It was the love of a mother that kept the crippled Kira from being cast out to die as a baby, but when her mother passes away the women of the village join together to bring her before the all-powerful Council to be judged. Kira expects the worst, knowing that her twisted leg makes her a burden on society, but Jamison, her appointed defender, cites her work in the weaving shed as reason to keep her alive in the service of the village.
When I first puchased this book at the age of nine of so my mother forbade me to read it- it was to horrid a story, she claimed, for my young mind. So I shelved it and read other books for a few years until, interest more or less lost, I picked it up again.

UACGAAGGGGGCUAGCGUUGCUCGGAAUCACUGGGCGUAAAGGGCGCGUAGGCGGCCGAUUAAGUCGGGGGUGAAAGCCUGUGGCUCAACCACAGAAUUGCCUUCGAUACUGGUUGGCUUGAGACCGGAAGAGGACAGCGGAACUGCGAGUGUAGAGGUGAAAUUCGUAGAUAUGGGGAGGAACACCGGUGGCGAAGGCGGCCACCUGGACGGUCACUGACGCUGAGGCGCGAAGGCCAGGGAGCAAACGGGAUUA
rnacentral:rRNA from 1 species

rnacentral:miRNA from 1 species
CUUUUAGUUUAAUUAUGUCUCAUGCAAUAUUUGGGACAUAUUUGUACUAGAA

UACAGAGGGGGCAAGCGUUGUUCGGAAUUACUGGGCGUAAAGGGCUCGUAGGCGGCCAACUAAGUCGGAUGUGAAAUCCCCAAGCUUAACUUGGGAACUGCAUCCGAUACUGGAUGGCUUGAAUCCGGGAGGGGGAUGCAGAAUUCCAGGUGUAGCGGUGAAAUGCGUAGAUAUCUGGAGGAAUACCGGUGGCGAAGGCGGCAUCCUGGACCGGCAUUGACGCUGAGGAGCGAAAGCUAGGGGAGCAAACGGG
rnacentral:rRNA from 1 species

By that point I had read The Giver in detail and was old enough to see the parallels- and the utter lack of parallels-between the two stories, which gave them both meaning.